HOLMEN — He was a third-grader and chasing down opponents to rip flags from their waists, but Greg Rooney was already getting antsy.
He couldn’t wait to play football in fourth grade because of one major change in the rules.
“I was sick of pulling flags,” Rooney said. “It was only fourth grade, and we didn’t know how to block or really play, but we got to hit people.”
Eight years later, Rooney is hitting people much harder, with much more frequency and for significantly higher stakes.
He and his teammates have a chance on Saturday to put the Vikings (11-0) in a WIAA state semifinal for the first time since 1991.
The hurdle to clear is top-seeded Oshkosh North (11-0) in a 4 p.m. kickoff at Titan Stadium on the campus of UW-Oshkosh.
Rooney, all 6 feet, 5 inches and 240 pounds of him, will probably try to run through the Spartans rather than jump over them to get to the semifinal game.
The outside linebacker has been a magnet for contact all season for a defense that is allowing 6.3 points per game and has yet to be scored on in the first quarter.
Rooney’s transition from the defensive line to linebacker — he’d played on the line since third-grade flag football — has been a rousing success.
“I was offensive and defensive line forever because I was always one of the biggest kids in my class,” Rooney said.
The changes began when he entered the high school program.
A coach encouraged him to try out at tight end instead of sticking with the offensive line. Rooney was thrilled with the proposal.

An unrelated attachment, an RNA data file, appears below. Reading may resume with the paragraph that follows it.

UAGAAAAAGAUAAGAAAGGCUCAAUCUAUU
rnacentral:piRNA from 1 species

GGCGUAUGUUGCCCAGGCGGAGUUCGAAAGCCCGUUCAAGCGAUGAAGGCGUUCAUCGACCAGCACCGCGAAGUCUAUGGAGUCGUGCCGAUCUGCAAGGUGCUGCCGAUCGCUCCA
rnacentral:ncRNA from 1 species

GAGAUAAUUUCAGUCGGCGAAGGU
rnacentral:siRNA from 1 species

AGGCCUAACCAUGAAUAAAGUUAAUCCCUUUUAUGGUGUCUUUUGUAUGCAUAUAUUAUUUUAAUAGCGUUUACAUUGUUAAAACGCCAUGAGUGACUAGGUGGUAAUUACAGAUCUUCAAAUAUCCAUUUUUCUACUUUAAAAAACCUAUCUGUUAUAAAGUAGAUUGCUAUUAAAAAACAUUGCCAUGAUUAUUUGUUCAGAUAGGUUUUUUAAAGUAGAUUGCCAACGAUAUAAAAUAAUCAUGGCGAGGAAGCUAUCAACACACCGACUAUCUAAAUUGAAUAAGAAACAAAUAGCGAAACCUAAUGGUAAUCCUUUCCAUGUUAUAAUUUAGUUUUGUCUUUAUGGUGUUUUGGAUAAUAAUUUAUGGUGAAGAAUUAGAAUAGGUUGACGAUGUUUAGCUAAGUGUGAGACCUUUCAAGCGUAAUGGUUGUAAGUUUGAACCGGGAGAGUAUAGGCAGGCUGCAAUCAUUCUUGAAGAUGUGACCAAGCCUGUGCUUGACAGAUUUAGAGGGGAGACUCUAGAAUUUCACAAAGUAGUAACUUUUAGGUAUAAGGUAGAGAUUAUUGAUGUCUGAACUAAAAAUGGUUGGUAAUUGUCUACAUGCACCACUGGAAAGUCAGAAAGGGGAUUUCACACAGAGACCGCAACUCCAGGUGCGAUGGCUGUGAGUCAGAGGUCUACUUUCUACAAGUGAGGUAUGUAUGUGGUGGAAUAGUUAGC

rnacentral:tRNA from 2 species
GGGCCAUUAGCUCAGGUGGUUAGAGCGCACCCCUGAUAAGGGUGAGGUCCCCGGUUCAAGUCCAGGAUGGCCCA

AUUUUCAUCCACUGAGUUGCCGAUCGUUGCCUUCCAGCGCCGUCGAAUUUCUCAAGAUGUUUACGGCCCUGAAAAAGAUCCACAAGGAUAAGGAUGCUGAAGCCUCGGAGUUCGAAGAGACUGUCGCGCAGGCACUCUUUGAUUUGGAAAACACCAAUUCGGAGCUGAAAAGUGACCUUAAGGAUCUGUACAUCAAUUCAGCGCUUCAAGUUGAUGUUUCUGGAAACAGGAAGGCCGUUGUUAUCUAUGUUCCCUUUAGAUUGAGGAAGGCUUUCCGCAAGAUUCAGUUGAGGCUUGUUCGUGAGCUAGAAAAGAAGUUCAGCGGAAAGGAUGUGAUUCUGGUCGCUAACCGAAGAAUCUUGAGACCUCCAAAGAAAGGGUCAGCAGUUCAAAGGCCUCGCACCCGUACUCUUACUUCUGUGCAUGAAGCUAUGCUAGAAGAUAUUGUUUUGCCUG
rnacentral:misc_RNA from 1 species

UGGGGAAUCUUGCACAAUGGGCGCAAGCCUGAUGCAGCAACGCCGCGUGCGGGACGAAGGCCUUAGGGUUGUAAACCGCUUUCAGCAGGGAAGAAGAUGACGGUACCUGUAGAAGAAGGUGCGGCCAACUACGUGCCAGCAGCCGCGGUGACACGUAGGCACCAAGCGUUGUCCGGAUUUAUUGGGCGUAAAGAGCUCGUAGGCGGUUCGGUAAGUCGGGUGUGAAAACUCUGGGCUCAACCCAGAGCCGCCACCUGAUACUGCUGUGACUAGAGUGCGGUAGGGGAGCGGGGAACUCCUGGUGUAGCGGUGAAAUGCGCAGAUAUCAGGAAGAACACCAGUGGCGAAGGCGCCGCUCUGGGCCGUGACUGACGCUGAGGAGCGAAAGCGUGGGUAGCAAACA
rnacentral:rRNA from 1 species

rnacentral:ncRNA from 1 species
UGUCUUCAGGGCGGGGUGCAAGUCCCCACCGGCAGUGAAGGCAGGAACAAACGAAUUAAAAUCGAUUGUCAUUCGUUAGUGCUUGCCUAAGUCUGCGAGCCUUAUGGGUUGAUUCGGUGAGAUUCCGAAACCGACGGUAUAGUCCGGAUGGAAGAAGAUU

“I could catch, and I wouldn’t say I was fast, but I wasn’t slow,” Rooney recalled. “I went to a camp over the summer, and it worked out well, and then I worked my way out to wide receiver.
“I moved to linebacker this year with the change (to a 3-4) defense. I was absolutely ready to try something new, and that’s worked out well, too.”
Rooney’s defensive change has given him more chances to make visible plays in the middle of the field, and he’s taking advantage of all of them.
If you’ve been a spectator at a Holmen game and motivated to ‘ooooh’ or aaaah’ on a particularly big hit, the chances are pretty good that Rooney made it.
Linebackers Noah Risch and Chuck Serauskas and Michael Woggon have made some, too, but it seems the biggest blasts always come from Rooney.
“Some of his hits and near misses ... I’ve almost held my breath until seeing what was going to happen,” Holmen coach Steve King said. “We you see someone his size who brings it like he does, you almost have to feel bad for the kid getting hit.”
Holmen sophomore Hunter McHugh, who is smaller than the 5-11, 153 pounds attached to his name on the roster, encounters Rooney every so often while playing linebacker during practice.
“This has happened multiple times, but once they were running a toss, and Greg is supposed to crack down on the linebacker,” McHugh said. “I went for the toss, and Greg was there, and ... that wasn’t good for me.”
Rooney’s senior success — he has six touchdown catches, seven tackles for loss and four interceptions — reinforced a new dedication to the sport after last season’s second-round playoff loss to Marshfield.
Until the end of last season, Rooney considered himself a pitching prospect for a good collegiate baseball program.
“Coaches (Travis) Kowalski and (Jason) Lulloff told me after the Marshfield game that I could really do something with football,” Rooney said. “I thought about what they said and wanted to go for it.”
Rooney lifted like he’d never lifted before and worked hard on other aspects of the game in the offseason.
“You can definitely see a difference in him this year,” King said. “I think a lot of it is his confidence.
“They defense we play has allowed him to do a lot of things, and he’s been a playmaker on offense. You can see the confidence him now in everything he does on the field.”
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